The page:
(WPRI) — First responders experience tragedies on a daily basis, and those events can take a toll. We’ve learned several local fire departments have drastically changed the way they help firefighters cope with the stress of the job.
Whether it’s a fire, a traffic accident, a rescue or a crime scene, first responders are dedicated to saving lives. In 2015, the Cranston Fire Department tells us they responded to nearly 15,000 calls just in the city, and 908 more in other communities. What they see and experience can be life-changing.
“Post-traumatic stress is not a new term,” says Private Scott Robinson of the Cranston Fire Department. “But it’s probably new in the fire service.”
Robinson is a 17-year veteran, and is familiar with PTSD. He was one of dozens of firefighters who fought the Station Nightclub fire in West Warwick on February 20, 2003. He spent almost 8 hours at the scene. Robinson met his wife in the driveway when he got home the next morning.
“I lost it,” he says. “I started crying right there in the driveway. And she said, ‘I’m sorry you had to do that, but I have to go to work.’ I was alone babysitting two kids for the rest of the day and I had to go back to work that night.”
Robinson says he felt alone, and developed a lot of anger. After three years, he and his wife sought counseling.
“In the session it was the first time that I actually talked about the fire itself, and my role in that fire,” says Robinson. “And what I experienced and what I saw. When I was done talking about that, the counselor was crying, my wife was crying. And then later during those sessions I realized my wife never actually left me. She was there that day.”
Cranston Deputy Fire Chief Michael Procopio has also endured emotional pain. In May 2008, he responded to a police standoff on Daisy Court in Cranston. Fellow firefighter James Pagano was hosting a birthday party for his son when he was shot after a dispute with his neighbor, Nicholas Gianquitti.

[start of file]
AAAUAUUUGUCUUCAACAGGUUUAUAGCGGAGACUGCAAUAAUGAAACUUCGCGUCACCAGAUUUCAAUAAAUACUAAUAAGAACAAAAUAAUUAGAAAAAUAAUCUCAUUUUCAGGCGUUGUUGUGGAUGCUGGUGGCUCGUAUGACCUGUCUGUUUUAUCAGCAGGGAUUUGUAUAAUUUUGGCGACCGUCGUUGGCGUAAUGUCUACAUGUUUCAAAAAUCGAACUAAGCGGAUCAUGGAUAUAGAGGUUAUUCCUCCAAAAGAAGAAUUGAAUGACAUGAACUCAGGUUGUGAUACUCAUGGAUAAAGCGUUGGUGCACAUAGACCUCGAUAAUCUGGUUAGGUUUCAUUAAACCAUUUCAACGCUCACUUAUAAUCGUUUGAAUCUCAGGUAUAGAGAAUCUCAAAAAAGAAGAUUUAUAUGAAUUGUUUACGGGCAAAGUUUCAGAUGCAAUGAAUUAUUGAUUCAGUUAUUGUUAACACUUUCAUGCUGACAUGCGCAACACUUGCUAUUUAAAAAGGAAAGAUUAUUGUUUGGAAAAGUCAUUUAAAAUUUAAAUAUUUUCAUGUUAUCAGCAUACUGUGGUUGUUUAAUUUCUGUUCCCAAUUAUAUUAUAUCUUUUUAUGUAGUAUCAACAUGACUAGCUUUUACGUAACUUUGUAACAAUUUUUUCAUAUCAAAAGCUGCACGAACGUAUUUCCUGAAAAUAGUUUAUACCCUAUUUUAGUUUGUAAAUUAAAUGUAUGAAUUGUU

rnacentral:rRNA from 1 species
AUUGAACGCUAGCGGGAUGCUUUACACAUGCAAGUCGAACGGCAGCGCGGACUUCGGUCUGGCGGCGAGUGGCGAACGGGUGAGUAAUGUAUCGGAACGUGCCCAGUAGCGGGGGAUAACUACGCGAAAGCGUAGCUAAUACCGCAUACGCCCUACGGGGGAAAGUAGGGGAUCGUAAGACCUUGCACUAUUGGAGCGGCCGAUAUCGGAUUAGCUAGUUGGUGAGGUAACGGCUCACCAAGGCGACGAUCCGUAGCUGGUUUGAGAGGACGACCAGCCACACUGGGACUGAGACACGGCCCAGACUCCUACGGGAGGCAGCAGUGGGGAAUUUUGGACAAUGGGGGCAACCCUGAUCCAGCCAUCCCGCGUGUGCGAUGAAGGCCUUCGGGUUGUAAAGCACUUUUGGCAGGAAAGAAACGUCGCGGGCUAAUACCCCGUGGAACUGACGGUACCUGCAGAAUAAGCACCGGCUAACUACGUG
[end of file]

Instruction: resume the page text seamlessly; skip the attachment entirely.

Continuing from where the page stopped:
“I looked down and Jimmy was gray and he was still talking,” says Procopio of that tragic day. “He said ‘help me.'”
Sadly, Procopio couldn’t save his close friend. Pagano died at the hospital.
“That was a very difficult situation for me,” says Procopio.
Private Robinson says his own personal life intertwines with what he sees on the job.
“If we show up to a call, it’s very possible that I’m able to see my own family in that call,” says Robinson.
Seeing that firefighters needed somewhere to turn, Robinson helped initiate a behavioral health wellness program several years ago in Cranston. It helps firefighters cope with the impact of these traumatic situations.
“Listen, who do you call when you’re in trouble?” asks Robinson. “Police, fire. Maybe your family right? Who do firefighters call?”
Cranston, Providence and North Providence are also part of the peer support program. Robinson says one of the biggest challenges has been changing the attitude among first responders when it comes to seeking help.
“I think there’s a stigma attached to it,” says Robinson. “And I think our international is really making a push toward getting rid of that sort of stigma and focusing on behavioral health.”
The program includes meeting with struggling firefighters to talk about their issues, and provides them with the resources to combat substance or alcohol abuse with inpatient and outpatient programs. There are also family services and divorce and financial mediation.
Deputy Chief Procopio says he was lucky to have the peer support program after enduring the death of his close friend and fellow firefighter, James Pagano.
“I think when you have that help quickly,” says Procopio, “it helps to allay some of the problems you might have down the line. It gives indicators to look for. And it helps to decompress from the whole situation.”
Doctor Kathleen Carty is a mental health specialist who helps with the peer support program. She says talking with health professionals is essential.
“What I found in the beginning is that there was some reluctance to come in,” says Dr. Carty.
Doctor Carty says she wants to see firefighters within 48 hours of a traumatic experience.
“The goal is always to have them be able to do their job,” she says, “but also to be whole human beings. Not just to be able to do their job and then kind of crash at the end of their shift.”
Private Robinson now travels the country to pitch the peer support program through the International Association of Firefighters, helping his brother firefighters get the help they need.
“You’re not alone,” says Robinson to fellow first responders. “What we’re experiencing in the field and what we take back to the station, take back home is normal. They’re normal reactions to abnormal events. And there’s resources out there to understand those reactions.”